(WHNT) — Daylight saving time starts this weekend, meaning the days will grow longer as we “spring forward.”
This year, the time change begins on Sunday, March 13, at 2 a.m.
So your phone’s clock – or any of your other internet-connected devices – will jump from 1:59 a.m. to 3 a.m. early Sunday morning. You’ll have to manually adjust the time forward by an hour on your watch, the clock on your microwave, the time in your car, and everything else when you wake up Sunday.
With the annual change, we’ll lose an hour of sleep this weekend, but will be rewarded with longer days and later sunsets.
As of March 2022, only Arizona and Hawaii don’t observe daylight saving time. However, 19 states, including Alabama, have passed legislation to do away with the time change pending federal approval.
The Sunshine Protection Act, which was introduced in the House of Representatives last year, would make daylight saving permanent – meaning clocks would never “fall back” come November. Proponents say it would boost the economy, increase people’s physical activity, reduce seasonal depression and even result in fewer car crashes due to better visibility.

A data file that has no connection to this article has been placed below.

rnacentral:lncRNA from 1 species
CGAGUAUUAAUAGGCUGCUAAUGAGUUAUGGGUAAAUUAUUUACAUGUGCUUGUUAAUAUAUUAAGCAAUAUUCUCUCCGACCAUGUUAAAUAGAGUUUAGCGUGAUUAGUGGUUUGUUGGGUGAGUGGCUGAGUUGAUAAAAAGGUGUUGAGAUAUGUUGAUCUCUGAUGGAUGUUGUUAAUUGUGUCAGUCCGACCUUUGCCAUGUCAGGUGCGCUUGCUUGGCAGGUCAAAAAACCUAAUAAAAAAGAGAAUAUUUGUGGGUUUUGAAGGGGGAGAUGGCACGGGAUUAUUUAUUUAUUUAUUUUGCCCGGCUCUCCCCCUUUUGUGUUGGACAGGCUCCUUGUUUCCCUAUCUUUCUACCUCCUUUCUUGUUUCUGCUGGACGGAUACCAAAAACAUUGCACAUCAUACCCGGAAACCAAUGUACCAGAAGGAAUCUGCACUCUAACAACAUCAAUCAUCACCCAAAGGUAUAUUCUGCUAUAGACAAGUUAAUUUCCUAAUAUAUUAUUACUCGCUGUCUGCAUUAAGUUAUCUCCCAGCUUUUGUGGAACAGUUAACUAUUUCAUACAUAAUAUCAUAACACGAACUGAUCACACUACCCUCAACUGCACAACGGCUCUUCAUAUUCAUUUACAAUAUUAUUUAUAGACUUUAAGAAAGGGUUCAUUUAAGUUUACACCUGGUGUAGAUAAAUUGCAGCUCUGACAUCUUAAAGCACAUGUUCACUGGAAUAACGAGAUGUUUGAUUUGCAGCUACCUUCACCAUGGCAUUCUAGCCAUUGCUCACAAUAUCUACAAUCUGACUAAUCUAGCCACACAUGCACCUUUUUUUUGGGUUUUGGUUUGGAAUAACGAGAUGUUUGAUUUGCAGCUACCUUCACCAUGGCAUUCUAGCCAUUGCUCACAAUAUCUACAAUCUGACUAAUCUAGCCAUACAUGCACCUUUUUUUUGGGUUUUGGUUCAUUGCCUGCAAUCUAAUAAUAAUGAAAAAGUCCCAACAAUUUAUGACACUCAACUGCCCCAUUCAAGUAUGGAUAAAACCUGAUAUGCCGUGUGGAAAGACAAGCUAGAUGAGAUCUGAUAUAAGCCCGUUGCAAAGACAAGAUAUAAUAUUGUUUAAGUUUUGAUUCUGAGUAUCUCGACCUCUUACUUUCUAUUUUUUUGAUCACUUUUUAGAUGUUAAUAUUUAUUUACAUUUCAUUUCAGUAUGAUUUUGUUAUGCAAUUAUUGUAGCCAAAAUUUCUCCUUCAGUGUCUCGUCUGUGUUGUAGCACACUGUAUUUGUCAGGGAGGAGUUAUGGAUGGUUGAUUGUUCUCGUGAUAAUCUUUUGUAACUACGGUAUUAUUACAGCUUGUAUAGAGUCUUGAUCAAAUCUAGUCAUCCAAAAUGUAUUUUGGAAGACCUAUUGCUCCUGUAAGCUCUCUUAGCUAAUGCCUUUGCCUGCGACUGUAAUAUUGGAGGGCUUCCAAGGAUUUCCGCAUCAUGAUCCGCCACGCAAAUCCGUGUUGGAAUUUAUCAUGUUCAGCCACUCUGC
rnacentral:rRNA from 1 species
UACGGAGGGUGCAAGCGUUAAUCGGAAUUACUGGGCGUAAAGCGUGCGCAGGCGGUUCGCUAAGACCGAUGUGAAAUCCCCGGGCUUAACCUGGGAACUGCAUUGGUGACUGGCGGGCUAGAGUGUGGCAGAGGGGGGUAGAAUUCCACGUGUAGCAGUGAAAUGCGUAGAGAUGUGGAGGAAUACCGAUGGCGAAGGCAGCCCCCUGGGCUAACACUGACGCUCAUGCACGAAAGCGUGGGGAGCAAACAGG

There hasn’t been much movement on the legislation, however. It was last referred to a subcommittee in February 2021.
Daylight saving time is also unobserved in the American territories of Puerto Rico, the U.S. Virgin Islands, American Samoa, Guam, and the Northern Mariana Islands.
Unless there’s a change in federal law, daylight saving time will end on Nov. 6 at 2 a.m.